by Linda Straker
- Mitchell is the longest-serving prime minister within Caricom
- Sworn in by Governor General Dame Cecile La Grenade as Prime Minister for the 5th time
- His administration is determined “to let the voices be heard in a profound way
Prime Minister Dr Keith Mitchell has said that the landslide victory at the polls last Tuesday will mean nothing unless by the next 5 years people would have seen their lives improve in a positive way through the policies and decision that will be taken by his government.
“This victory won’t mean anything unless by the end of this next term we lift more people out of poverty; we send more people back to work; we empower families – and we make every Grenadian proud,” he told the packed Trade Centre, after he was sworn in by Governor General Dame Cecile La Grenade as Prime Minister for the 5th time.
Telling the people that he stands ready to lead a united nation, Dr Mitchell said that the mission of his government is for unity to not only a moral obligation but a developmental necessity. “We cannot build this nation if we leave out or marginalise people who do not share our political preferences; or who have different ideas on how to push this nation forward. Grenadian patriots know no colour. They are guided by their conscience, and their own sense of family and community,” he said.
“Today I come with an open hand to my friends and neighbours who voted for the National Democratic Congress. You had a right to your views and a right to your preference. But this battle is over – and we have a nation to build. Let’s build it together,” he added.
Mitchell, 71, as he had done following the victory on Tuesday, reiterated a call for the main opposition National Democratic Congress (NDC) to join with the rest of the social partners in putting forward the best policies for the future socio-economic development of the tri-island state.
“I am humbled by this your confidence in me and the team you have chosen, but that is just the elected team, the real team is all of us,” said Mitchell as he told the people that one of his first tasks would be to write an official letter inviting the NDC, which failed to win a seat in the Parliament for the 2nd consecutive time, officially requesting their participation in the development of the country.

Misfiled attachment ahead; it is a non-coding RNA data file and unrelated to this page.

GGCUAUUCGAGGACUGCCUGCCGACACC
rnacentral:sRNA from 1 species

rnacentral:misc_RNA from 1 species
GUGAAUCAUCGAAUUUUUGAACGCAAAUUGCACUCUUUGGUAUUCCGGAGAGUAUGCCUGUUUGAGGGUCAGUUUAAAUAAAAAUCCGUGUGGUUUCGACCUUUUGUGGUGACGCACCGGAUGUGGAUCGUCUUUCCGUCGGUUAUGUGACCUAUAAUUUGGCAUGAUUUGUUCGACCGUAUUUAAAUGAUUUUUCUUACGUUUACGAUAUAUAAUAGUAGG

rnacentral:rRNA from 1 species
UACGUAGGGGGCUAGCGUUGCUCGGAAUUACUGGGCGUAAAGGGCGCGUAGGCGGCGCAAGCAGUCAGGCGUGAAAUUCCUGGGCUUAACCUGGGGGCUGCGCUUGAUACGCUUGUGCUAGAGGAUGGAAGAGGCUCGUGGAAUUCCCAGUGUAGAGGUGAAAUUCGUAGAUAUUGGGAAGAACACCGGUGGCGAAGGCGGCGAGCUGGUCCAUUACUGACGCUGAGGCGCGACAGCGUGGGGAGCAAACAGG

“We don’t have to fight each other every day of the year…this electoral war is over, let peace reign,” Mitchell said, acknowledging that in a democracy, people are entitled to support whichever party or group they want to.
He said while the NNP had won all the seats and there’s a feeling that the “winner takes all, this winner does not take all,” adding that his administration is determined “to let the voices be heard in a profound way.”
Mitchell said it was regrettable that the constitutional referendum in 2016, which would have allowed, among other things, for the country to join the Trinidad-based Caribbean Court of Justice (CCJ) as its final court, and the appointment of a Leader of the Opposition in the Parliament, at all times had been rejected by the population.
With no elected Leader of the Opposition, the Governor General will rely on the Constitution to guide her so there will be some semblance of opposition in the Parliament.
Mitchell, the longest-serving prime minister within the 15-member Caribbean Community (Caricom) grouping, reminded the audience that the real power lies not in the hands of the elected representatives, but those who stood in line to cast ballots on Tuesday.
He said it is this power that “must keep us humble” adding, “it is now our time to fight for them.”
He called for a “total commitment from all of us….to do all we can to make the lives of those ordinary people better,” adding that he would do his “utmost” to lead the country into prosperity.
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